Perfect for us Hard to say. My impression as I read it is that she's speaking of the whole package - the villa, the pool, the lay of the land, the dogs, the kids. It does seem strange, coming after a comma in the pool sentence, but this is very informal stream-of-consciousness description, so I guess it fits.

Banging Probably the noise of building - hammering, things dropping, etc. (also goes along with the headaches - I think these are figurative headaches, but constant noise often produces a constant and real headache)

wouldn't say fought my guess is she allowed herself to be persuaded to do something she knew was unwise.

You're describing your actions in a clever, indirect way, saying that you didn't do the opposite of what you actually did. "How did you let that guy get you into bed?" (reply) "Well - I didn't exactly resist." "I tried to put him off - well - I wouldn't say [that I] fought."

suing him for this Don't know. It sounds to me as though you're supposed to know the answer. Previous context?? Common knowledge?? There's nothing specific in what you've quoted that seems like grounds for a big suit, even against a prominent star.

- A.
Avangi many thanks for perfect answer! [Y][Y][Y]! Actually, the whole movie was just an interview with her, so it was totally without context. She was just sitting in the chair and telling the stories from her life, how they they were shooting the movies, like Red Sonja...it was quite interesting..Emotion: smile

thank you so much again!...[Y]

Best Regards


EDIT: As to "suing him for this"...I just found on the internet that her marriage with Sly ended after two years with a $6 million settlement. On the second thought, maybe she's saying that she could be suing him for more money....Not just a $6 million....In any case, thank you so much again. Your answer helped me a lot!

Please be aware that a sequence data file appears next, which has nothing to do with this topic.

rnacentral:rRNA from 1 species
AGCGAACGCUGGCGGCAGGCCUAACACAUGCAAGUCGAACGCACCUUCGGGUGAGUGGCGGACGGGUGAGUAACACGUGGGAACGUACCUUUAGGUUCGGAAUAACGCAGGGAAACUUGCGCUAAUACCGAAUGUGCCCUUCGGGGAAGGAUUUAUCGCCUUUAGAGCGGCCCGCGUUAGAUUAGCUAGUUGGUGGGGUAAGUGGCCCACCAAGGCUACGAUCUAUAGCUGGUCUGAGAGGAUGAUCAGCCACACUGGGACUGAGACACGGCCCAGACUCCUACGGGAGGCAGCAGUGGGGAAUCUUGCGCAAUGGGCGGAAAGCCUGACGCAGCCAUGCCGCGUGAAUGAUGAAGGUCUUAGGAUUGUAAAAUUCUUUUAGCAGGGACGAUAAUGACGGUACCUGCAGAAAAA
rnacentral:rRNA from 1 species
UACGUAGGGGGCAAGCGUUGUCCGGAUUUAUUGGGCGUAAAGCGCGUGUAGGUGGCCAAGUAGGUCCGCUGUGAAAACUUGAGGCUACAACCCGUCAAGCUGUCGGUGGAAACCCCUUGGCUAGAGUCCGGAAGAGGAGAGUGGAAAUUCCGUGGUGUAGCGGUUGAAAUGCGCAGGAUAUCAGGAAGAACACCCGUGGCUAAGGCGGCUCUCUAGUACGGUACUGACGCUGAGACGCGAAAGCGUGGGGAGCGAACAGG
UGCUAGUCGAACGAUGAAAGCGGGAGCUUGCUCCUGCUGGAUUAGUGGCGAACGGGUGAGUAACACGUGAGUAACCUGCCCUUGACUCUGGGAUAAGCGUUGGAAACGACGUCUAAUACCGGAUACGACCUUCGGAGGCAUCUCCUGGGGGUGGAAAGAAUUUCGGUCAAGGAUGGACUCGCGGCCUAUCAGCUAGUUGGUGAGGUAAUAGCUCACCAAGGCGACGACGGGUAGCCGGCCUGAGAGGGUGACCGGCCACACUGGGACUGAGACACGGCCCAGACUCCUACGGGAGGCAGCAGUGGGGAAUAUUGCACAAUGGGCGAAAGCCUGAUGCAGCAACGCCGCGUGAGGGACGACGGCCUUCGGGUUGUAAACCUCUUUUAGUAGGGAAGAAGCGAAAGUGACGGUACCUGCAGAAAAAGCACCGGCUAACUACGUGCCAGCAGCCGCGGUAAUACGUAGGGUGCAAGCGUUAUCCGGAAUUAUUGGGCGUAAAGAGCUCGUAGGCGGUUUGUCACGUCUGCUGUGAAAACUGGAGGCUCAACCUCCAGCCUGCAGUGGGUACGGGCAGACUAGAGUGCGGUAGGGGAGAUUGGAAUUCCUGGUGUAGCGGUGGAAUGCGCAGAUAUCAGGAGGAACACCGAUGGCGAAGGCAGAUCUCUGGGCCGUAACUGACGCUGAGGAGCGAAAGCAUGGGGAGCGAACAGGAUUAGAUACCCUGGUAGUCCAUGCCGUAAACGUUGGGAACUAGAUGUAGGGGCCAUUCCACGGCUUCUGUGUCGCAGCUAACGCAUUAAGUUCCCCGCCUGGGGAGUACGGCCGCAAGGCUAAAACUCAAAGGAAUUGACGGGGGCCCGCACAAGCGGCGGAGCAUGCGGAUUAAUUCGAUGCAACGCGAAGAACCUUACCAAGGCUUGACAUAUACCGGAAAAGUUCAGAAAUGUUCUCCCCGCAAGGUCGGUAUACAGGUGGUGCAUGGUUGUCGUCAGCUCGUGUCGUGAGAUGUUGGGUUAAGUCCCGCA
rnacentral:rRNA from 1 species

EDIT2: Some women are crazy..Emotion: smile..$6 million as settlement...Omg!..Wth? Emotion: surpriseEmotion: surpriseEmotion: smile
Students: Are you brave enough to let our tutors analyse your pronunciation?
I wouldn't say [something] - is just an expression when you are describing a situation that is difficult to define. You want to give people a general idea of what it's like but you also want to make sure they understand that the description is not 100% accurate.

For example:

"I wouldn't say I love him, but since he left I've been thinking about him all the time."

So for Brigitte she's saying 'I didn't actually fight but I did something very close to fighting'
Thank you for your additional note...Emotion: smile
Best Regards
JCDentonand sort of threw away the cards
She abandoned the questions she had previously planned to ask (which were already written on cards) and improvised others that came to mind spontaneously during the interviews.
Equivalent expression: She winged it.

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thx CJ..[Y]
seme'I didn't actually fight but I did something very close to fighting'
Hi again, Jack. Seme has a point here. "I wouldn't say" is often used as she suggests. That may have been Brigitte's intention. Your translation was a little unclear at that point about who was doing what, and it just seemed to me from the context that she meant it in the flip way, or that she did not fight. We'd probably need to go back to the source to decide for sure.

- A.
Hi Avangi,

After I read your answer I grabbed the meaning as "....so I didn't argue too much with them, but I was being pushed into situation which turned out to be not right for me." Where "I didn't argue too much with them" is in my opinion the same as "I didn't actually fight but I did something very close to fighting", so everything is ok...Emotion: smile.
many thanks to all of you again,
Best Regards